Higher Learning, Greater Good The Private and Social Benefits of Higher Education
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Description: A college education has long been acknowledged as essential for both personal success and economic growth. But the measurable value of its nonmonetary benefits have until now been poorly understood. Walter W. McMahon, a leading education economist, suggests that higher education accrues significant social and private benefits. McMahon argues that there is a major skill deficit in the United States and other OECD countries because of technical change and globalization. Yet with a college degree comes better job opportunities, higher earnings, and even improved health. Higher education also promotes democracy and sustainable growth and contributes to reduced crime and lower state welfare and prison costs. These social benefits are substantial in relation to the costs of a college education. McMahon offers a human capital perspective on this and other higher education policy issues. He suggests that poor information about the value of nonmarket benefits leads to private underinvestment. He offers policy options enabling state and federal governments to increase investment in higher education. Adequately reforming higher education policy, McMahon argues, is also critical for reducing inequality and encouraging growth, both important in the present era of globalization.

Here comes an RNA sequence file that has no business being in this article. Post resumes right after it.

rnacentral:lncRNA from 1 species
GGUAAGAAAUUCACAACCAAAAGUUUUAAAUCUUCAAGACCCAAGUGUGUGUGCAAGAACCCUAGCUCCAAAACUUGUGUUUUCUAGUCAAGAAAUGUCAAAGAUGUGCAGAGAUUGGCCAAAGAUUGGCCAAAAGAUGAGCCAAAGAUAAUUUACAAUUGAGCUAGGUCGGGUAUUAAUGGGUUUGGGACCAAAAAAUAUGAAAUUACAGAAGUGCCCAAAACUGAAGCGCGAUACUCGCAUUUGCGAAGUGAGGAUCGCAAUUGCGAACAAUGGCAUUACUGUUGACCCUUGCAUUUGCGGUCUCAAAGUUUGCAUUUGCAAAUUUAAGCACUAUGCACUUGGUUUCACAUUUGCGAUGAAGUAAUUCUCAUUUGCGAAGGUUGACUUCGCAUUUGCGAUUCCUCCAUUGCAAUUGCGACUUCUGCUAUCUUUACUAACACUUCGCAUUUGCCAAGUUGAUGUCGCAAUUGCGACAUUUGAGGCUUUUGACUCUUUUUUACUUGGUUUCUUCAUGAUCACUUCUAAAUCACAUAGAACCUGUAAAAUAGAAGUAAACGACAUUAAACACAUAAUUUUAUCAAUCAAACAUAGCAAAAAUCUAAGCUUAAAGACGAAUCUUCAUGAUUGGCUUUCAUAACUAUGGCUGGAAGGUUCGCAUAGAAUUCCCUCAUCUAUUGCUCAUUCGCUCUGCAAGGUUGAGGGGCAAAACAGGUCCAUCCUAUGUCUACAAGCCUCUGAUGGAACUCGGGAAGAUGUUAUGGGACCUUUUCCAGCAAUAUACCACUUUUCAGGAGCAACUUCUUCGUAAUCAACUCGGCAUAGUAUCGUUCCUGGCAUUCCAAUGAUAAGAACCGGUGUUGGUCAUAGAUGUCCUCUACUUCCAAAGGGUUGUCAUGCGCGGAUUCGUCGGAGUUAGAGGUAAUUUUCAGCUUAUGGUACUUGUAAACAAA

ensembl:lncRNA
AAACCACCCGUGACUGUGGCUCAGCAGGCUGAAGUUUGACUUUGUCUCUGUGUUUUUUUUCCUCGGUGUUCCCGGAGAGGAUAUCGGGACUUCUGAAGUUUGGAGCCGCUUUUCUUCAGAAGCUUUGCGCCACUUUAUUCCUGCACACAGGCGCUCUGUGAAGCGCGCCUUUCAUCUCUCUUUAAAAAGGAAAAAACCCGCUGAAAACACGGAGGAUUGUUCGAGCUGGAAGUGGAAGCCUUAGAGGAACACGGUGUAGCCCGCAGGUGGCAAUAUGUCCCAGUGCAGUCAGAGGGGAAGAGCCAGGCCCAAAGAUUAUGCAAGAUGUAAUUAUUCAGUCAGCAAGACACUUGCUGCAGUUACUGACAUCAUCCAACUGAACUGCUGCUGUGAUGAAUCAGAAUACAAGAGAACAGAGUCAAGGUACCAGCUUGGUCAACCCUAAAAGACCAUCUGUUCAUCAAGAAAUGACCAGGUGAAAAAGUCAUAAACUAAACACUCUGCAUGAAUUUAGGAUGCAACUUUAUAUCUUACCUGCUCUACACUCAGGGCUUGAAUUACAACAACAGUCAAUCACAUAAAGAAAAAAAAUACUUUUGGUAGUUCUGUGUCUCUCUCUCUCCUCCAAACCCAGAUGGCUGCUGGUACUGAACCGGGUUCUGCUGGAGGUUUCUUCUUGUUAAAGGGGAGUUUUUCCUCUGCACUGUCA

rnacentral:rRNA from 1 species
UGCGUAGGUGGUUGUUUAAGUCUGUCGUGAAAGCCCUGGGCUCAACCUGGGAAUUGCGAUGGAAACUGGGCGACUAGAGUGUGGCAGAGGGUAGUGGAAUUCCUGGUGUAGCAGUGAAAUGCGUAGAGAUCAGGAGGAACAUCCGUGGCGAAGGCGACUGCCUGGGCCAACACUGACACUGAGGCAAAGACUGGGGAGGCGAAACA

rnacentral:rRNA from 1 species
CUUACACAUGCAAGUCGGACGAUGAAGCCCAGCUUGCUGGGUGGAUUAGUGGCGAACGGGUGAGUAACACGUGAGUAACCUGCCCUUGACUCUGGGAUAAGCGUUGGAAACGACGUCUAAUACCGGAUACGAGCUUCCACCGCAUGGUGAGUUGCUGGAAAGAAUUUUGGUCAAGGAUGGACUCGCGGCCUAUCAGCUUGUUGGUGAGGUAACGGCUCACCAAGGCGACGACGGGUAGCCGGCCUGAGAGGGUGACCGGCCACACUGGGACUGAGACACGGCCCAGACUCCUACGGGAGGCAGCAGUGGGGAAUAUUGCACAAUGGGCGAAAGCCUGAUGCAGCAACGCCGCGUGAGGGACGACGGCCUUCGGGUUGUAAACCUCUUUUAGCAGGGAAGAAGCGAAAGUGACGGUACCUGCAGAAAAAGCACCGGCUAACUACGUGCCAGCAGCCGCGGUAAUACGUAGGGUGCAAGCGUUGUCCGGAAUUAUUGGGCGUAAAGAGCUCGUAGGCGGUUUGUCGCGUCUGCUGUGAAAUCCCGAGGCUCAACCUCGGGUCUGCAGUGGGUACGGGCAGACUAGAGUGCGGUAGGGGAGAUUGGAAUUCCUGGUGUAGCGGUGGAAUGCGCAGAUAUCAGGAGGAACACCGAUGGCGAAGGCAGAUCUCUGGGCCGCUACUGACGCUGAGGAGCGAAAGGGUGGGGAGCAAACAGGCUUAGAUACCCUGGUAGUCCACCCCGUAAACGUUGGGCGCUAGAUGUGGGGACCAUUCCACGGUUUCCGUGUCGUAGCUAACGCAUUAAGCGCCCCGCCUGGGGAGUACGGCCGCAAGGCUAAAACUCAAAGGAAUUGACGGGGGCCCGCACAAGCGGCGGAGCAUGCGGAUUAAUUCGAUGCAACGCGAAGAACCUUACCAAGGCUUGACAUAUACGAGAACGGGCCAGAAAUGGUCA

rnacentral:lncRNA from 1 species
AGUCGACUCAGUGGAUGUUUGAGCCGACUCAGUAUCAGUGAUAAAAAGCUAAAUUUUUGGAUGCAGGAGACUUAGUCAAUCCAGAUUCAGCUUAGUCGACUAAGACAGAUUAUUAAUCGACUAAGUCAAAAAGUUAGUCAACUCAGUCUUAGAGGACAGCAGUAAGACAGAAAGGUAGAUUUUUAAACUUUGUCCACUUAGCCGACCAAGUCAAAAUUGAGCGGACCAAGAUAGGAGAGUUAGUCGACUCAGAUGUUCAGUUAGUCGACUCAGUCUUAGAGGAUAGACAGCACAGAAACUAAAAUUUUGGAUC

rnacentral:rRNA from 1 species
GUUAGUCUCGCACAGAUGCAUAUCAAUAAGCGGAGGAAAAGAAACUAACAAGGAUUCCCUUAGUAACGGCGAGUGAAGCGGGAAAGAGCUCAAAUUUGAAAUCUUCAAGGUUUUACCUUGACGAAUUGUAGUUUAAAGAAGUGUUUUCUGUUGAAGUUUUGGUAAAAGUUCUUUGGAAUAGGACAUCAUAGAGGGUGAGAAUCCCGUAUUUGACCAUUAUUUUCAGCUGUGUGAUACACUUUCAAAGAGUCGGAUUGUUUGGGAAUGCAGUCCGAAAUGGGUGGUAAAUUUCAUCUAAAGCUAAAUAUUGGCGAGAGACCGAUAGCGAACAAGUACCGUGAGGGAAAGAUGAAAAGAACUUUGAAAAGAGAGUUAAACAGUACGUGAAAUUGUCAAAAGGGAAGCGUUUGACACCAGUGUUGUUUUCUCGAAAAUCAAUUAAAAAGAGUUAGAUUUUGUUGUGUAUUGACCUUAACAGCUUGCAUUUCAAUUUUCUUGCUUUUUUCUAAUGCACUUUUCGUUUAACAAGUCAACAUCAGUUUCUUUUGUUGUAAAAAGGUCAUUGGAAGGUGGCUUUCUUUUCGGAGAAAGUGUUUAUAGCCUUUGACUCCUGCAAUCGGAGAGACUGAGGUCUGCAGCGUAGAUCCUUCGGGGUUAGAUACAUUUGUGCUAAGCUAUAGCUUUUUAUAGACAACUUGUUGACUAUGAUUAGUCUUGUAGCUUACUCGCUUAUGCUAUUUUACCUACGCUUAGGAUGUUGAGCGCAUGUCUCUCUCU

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All the information you need in one place! Each Study Brief is a summary of one specific subject; facts, figures, and explanations to help you learn faster.
List price: $50.00
Copyright year: 2008
Publisher: Johns Hopkins University Press
Publication date: 2/10/2009
Size: 6.00" wide x 9.00" long x 1.25" tall
|What Is the Problem?|
|Challenges Facing Higher Education Policy|
|Higher Education and Economic Growth: Jobs, Earnings, and the Skill Deficit|
|Private Non-Market Benefits of Higher Education and Market Failure|
|Social Benefits of Higher Education and Their Policy Implications|
|University Research: Social Benefits and Policy|
|New Higher Education Policies|
|New Strategies for Financing Higher Education|
|Correcting for Ability Bias in Returns to Higher Education|
|A Simplified Dynamic Model with Higher Education Externalities|
|Valuing the Effects of Higher Education on Private Non-Market Outcomes|
|Higher Education and Growth, U.S. and OECD Countries, 1960-2005|
|Valuing the External Social Benefits of Higher Education|